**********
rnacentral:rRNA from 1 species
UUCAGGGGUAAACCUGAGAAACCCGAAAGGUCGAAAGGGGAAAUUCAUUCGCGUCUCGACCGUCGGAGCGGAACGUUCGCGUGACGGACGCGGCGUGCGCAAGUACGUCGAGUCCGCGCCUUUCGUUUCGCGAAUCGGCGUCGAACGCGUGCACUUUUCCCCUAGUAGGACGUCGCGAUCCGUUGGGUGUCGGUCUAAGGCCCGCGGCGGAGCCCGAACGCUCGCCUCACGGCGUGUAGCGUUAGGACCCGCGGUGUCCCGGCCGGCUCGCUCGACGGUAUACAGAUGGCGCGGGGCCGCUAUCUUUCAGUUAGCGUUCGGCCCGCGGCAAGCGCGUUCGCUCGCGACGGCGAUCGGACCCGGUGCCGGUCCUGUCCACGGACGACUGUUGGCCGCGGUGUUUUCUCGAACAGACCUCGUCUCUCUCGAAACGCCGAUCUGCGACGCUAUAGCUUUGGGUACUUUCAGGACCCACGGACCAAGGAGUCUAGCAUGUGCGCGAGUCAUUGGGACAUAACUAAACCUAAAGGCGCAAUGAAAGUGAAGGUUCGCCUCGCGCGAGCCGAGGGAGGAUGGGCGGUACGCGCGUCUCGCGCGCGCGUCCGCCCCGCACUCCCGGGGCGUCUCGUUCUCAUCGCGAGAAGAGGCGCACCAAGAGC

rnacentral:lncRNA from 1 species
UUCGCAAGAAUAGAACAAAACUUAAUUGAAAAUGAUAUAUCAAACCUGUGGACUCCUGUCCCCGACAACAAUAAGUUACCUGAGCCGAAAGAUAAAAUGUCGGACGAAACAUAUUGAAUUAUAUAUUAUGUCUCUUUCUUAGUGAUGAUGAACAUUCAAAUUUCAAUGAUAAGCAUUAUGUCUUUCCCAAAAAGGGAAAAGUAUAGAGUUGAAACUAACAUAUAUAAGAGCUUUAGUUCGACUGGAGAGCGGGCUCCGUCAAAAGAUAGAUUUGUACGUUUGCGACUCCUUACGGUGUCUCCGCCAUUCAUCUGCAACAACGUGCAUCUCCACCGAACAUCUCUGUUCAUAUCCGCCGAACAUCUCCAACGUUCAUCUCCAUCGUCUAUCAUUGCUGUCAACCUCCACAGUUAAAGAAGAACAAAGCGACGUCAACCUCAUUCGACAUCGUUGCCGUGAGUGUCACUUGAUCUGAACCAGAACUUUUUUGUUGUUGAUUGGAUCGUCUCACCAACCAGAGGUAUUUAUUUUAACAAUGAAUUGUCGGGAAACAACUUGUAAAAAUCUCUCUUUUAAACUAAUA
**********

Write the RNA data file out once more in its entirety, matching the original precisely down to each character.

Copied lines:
rnacentral:rRNA from 1 species
UUCAGGGGUAAACCUGAGAAACCCGAAAGGUCGAAAGGGGAAAUUCAUUCGCGUCUCGACCGUCGGAGCGGAACGUUCGCGUGACGGACGCGGCGUGCGCAAGUACGUCGAGUCCGCGCCUUUCGUUUCGCGAAUCGGCGUCGAACGCGUGCACUUUUCCCCUAGUAGGACGUCGCGAUCCGUUGGGUGUCGGUCUAAGGCCCGCGGCGGAGCCCGAACGCUCGCCUCACGGCGUGUAGCGUUAGGACCCGCGGUGUCCCGGCCGGCUCGCUCGACGGUAUACAGAUGGCGCGGGGCCGCUAUCUUUCAGUUAGCGUUCGGCCCGCGGCAAGCGCGUUCGCUCGCGACGGCGAUCGGACCCGGUGCCGGUCCUGUCCACGGACGACUGUUGGCCGCGGUGUUUUCUCGAACAGACCUCGUCUCUCUCGAAACGCCGAUCUGCGACGCUAUAGCUUUGGGUACUUUCAGGACCCACGGACCAAGGAGUCUAGCAUGUGCGCGAGUCAUUGGGACAUAACUAAACCUAAAGGCGCAAUGAAAGUGAAGGUUCGCCUCGCGCGAGCCGAGGGAGGAUGGGCGGUACGCGCGUCUCGCGCGCGCGUCCGCCCCGCACUCCCGGGGCGUCUCGUUCUCAUCGCGAGAAGAGGCGCACCAAGAGC

rnacentral:lncRNA from 1 species
UUCGCAAGAAUAGAACAAAACUUAAUUGAAAAUGAUAUAUCAAACCUGUGGACUCCUGUCCCCGACAACAAUAAGUUACCUGAGCCGAAAGAUAAAAUGUCGGACGAAACAUAUUGAAUUAUAUAUUAUGUCUCUUUCUUAGUGAUGAUGAACAUUCAAAUUUCAAUGAUAAGCAUUAUGUCUUUCCCAAAAAGGGAAAAGUAUAGAGUUGAAACUAACAUAUAUAAGAGCUUUAGUUCGACUGGAGAGCGGGCUCCGUCAAAAGAUAGAUUUGUACGUUUGCGACUCCUUACGGUGUCUCCGCCAUUCAUCUGCAACAACGUGCAUCUCCACCGAACAUCUCUGUUCAUAUCCGCCGAACAUCUCCAACGUUCAUCUCCAUCGUCUAUCAUUGCUGUCAACCUCCACAGUUAAAGAAGAACAAAGCGACGUCAACCUCAUUCGACAUCGUUGCCGUGAGUGUCACUUGAUCUGAACCAGAACUUUUUUGUUGUUGAUUGGAUCGUCUCACCAACCAGAGGUAUUUAUUUUAACAAUGAAUUGUCGGGAAACAACUUGUAAAAAUCUCUCUUUUAAACUAAUA